What are active and inactive volcanoes?


Active volcanoes are those that have erupted recently or regularly erupt, and inactive volcanoes are those that have not erupted for a long time. The exact time distinction between active and inactive volcanoes differs between experts.

Currently active volcanoes are volcanoes that are erupting presently, and there are almost always some erupting throughout the world. Active volcanoes are expected to erupt in the near future on a relatively regular schedule. Some people consider volcanoes active if they have erupted in the past 100 years, but others do not classify a volcano as inactive or dormant until hundreds or thousands of years have passed.

Dormant and inactive are often used interchangeably, but they have subtle differences. Dormant volcanoes are expected, and have the ability, to erupt in the future. They may have a long cycle between eruptions during which they are dormant. Inactive volcanoes are usually not expected to erupt in the future and have not erupted in recent history.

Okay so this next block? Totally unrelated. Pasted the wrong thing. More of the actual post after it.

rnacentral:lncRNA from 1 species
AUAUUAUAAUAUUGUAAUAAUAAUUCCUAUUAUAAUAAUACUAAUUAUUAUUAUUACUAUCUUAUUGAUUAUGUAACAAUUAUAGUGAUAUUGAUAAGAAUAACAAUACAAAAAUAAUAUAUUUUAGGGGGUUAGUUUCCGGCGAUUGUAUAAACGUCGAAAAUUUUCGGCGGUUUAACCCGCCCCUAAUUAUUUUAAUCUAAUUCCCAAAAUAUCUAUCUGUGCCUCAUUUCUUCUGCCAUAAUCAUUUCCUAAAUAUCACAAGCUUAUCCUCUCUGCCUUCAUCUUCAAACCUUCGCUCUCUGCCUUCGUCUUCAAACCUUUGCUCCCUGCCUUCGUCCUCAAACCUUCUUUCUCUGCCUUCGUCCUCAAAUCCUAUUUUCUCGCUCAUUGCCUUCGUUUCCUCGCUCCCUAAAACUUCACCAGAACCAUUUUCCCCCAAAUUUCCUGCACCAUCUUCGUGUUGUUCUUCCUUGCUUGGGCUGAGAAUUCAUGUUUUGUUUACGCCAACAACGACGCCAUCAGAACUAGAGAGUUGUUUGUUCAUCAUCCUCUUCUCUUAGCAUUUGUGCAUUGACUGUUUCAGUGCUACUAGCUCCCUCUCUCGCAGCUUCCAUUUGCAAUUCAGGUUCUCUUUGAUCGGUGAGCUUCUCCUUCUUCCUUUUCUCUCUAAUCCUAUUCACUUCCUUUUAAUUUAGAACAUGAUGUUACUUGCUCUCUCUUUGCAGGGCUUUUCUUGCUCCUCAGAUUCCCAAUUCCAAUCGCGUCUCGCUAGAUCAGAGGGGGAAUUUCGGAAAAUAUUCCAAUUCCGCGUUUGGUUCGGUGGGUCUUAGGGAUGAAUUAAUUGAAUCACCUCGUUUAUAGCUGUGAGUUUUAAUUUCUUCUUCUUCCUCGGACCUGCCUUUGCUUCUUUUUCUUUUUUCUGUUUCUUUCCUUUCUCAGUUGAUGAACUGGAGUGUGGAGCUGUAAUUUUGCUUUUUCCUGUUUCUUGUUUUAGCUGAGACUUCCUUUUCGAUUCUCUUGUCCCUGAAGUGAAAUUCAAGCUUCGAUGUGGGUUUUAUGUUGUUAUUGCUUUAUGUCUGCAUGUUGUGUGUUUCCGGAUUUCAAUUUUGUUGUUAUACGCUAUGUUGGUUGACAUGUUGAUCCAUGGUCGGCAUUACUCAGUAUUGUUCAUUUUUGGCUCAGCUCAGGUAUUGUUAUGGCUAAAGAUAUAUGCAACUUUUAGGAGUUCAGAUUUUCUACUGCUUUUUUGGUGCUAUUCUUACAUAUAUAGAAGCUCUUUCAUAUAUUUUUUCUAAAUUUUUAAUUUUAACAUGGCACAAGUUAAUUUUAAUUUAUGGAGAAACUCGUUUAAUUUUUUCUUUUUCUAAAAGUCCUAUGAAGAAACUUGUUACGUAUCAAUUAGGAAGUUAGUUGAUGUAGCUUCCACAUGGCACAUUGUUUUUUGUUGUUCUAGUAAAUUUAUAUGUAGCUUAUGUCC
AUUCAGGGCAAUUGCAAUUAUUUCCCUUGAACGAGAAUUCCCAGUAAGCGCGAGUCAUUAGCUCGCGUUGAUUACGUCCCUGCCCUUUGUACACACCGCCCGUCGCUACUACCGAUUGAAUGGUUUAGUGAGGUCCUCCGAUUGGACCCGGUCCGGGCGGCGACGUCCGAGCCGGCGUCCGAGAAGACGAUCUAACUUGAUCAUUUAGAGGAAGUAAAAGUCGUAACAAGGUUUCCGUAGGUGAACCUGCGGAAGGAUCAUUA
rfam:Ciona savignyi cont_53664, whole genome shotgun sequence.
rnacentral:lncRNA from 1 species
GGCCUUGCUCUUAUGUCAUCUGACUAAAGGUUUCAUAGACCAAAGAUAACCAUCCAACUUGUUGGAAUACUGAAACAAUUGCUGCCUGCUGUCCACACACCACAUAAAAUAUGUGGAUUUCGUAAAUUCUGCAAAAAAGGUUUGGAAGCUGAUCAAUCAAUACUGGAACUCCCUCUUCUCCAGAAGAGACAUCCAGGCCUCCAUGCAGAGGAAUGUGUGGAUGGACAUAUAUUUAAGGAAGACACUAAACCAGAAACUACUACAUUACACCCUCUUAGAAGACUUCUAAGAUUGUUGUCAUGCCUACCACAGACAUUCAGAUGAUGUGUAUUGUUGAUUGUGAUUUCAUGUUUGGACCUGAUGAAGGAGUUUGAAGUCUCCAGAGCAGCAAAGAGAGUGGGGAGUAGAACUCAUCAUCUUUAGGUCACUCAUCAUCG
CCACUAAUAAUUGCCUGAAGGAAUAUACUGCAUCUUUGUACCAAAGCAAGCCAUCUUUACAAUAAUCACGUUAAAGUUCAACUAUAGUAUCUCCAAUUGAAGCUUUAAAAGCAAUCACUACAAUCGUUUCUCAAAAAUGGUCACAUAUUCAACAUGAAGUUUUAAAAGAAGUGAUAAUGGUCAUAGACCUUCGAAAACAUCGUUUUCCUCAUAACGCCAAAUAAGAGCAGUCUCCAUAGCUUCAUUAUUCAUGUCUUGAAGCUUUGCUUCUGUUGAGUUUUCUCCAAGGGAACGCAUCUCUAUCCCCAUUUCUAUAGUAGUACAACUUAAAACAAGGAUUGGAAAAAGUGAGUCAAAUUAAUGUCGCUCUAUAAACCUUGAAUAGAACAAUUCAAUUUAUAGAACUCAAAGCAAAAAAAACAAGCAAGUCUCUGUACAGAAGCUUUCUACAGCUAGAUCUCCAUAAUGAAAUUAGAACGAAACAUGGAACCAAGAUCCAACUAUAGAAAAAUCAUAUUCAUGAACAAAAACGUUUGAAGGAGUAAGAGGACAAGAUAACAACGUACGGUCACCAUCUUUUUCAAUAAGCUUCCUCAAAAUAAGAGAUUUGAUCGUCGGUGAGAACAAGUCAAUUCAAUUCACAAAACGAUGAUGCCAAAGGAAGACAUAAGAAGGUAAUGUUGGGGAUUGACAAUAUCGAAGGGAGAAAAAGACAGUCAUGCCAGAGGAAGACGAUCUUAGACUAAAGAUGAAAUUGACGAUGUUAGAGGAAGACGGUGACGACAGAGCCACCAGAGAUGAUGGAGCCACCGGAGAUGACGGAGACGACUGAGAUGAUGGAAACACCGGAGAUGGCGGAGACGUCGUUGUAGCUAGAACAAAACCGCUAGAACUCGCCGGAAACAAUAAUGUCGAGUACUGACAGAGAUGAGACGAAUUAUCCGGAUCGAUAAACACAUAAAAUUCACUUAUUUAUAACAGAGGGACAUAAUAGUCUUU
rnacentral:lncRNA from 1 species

Dormant and inactive volcanoes can become extinct after many years. This happens when a volcano moves away from its magma source or its source becomes empty. The shifting of tectonic plates can move volcanoes away from the source, which results in extinct volcanoes that have no chance of erupting.

Q&A Related to "What are active and inactive volcanoes?"
Active Volcano erupts from time to time while a inactive volcano hasn't erupted in a long while and may not erupt in the future again. But your never sure if a volcano is truly inactive
Your question makes no sense. Poor grammar. Source(s) chicken.
There are approximately 1,500 active volcanoes throughout the world. Some of these volcanoes erupt frequently and others do not erupt very often.
A volcano can become inactive when the movement of the Earth's plates move from the melting region.
Explore this Topic
There is a large list of inactive volcanoes throughout the world. Mount Ashitaka located in Japan is unlikely to ever erupt again. As is the volcano Shiprock, ...
About -  Privacy -  Careers -  Ask Blog -  Mobile -  Help -  Feedback  -  Sitemap  © 2014 Ask.com